Baji Quan

Baji Martial Art: the Art of the Eight Extremities.

A Fox knows many things, but a Hedgehog knows one big thing…
Archilochus, Greek poet


In this article:

  • What is Baji Quan
  • Baji Quan Course of Study
  • Common Questions
  • Baji Combat Rules
  • Tips for your Baji training

A simple name for a simple principle. Eight Extremities Boxing (Bajiquan 八極拳 – also known in Japan as Hakkyokuken) is a traditional fighting style known for its direct and powerful striking. Unlike other fighting sports such as Kick boxing, Sanshou or Savate, Bajiquan does not require strong physical preparation even though it can turn into a very deadly style if practiced at its highest levels and with proper physical conditioning. Its name originates from the eight strongest extremities the human body naturally provides.


Blending natural armor with martial skills. Everyone would acknowledge that throwing a punch hurts, although specific training such as B.M.C. can make that punch became less sensitive to pain. Baji quan works on a fundamental principle: that human body alone conceals powerful parts that don’t necessarily require training, and can be used in a fight by anyone, even by people without any martial experience. However, the following must be kept in mind:

It’s the set of skills comprising these eight parts that turn “the eight extremities” in a fighter’s best shield and sword.To unleash these skills, Baji martial art is the best way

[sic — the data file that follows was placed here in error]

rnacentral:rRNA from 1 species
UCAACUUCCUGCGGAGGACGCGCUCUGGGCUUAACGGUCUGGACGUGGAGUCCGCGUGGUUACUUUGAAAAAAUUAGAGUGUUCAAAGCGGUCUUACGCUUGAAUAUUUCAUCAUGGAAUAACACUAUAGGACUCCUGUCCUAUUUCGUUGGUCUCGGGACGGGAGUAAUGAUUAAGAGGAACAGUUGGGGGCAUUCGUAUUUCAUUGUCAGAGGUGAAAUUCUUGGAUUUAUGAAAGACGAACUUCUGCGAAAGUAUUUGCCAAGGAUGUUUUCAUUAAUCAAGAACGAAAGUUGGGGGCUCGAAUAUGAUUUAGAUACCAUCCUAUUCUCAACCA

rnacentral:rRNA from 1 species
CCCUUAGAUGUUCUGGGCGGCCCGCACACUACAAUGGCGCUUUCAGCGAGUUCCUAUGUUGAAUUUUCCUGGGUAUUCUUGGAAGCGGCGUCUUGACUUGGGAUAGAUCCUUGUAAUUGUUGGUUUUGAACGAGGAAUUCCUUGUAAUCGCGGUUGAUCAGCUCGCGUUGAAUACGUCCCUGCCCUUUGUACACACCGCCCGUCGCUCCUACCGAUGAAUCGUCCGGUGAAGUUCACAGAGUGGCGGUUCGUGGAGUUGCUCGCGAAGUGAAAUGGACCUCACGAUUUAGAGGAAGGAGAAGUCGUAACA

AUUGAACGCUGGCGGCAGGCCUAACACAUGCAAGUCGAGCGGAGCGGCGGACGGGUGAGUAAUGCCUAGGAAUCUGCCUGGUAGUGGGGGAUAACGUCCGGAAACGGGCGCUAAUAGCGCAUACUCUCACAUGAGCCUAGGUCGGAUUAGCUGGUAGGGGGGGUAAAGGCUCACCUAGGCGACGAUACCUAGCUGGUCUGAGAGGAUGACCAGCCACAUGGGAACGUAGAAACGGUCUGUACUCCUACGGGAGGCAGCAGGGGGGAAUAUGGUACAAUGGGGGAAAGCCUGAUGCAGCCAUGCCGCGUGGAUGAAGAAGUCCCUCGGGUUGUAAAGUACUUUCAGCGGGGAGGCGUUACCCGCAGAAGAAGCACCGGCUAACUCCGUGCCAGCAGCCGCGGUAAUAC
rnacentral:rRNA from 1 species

Baji martial art focuses exactly on these eight naturally-protective extremities to guarantee quick defense and maximum efficiency. It is also beneficial for martial artists who do not want to overly focus on Bone and Muscle Conditioning.

Baji martial artBaji Quan’s place in modern Martial Arts. Baji Quan is actually considered one of the most effective and powerful fighting style in Chinese Martial Arts, as it has been chosen amongst 200 Kung Fu styles for self defense purposes in both China and Taiwan. In fact, it has been used for centuries from the Emperor bodyguards. Without application, its sequences become a perfect routine to keep fit and healthy.

Baji Course of Study.

Baji quan is a complete martial style, as it includes all things a combatant needs to learn to consider himself such. In fact, Baji martial art includes:

  • Patterns (Dao-lu)
  • Fighting sets patterns (Dui lian)
  • Punch-bag training
  • Baji Qin na (joint locks)

Some of Baji martial art patterns include:

八极拳小架 Baji Xiao Jia – Small frame (also known as short pattern). In its shortness, the essence of the style. Baji Xiao jia is the first pattern (dao lu) a Student  learns. In the Video below you can see a sample of the Dao lu (please consider that the one performed in the video is Shaolin Baji Xiao jia, and dao lu’s may differ from Master to Master, and from School to School).

八极拳大架 Baji Da Jia – Big frame (also known as long pattern). After mastering Baji xiao jia, this pattern takes the Student to a new, more advanced and demanding set of techniques. This dao lu is based on the Baji principle “advance, advance, advance” and is more challenging than Xiao xia.


八极拳母子拳 Baji Muzi quan – Mother and Son frame. Muzi quan is essential for any Baji fighter, because of the importance of alternating attacking and pulling back.

Following the principle of Yin and Yang is something a Baji Student should always keep in mind: there is a moment to attack, and a moment to block

This alternation of states aims at tuning the Baji Student to a confident, powerful combatant.

八极拳对练 Baji Dui Lian – Parts of the studied forms are used between two opponents in a fighting-set routine, aiming at educating the brain to properly react to a sequence of pre-defined attacks.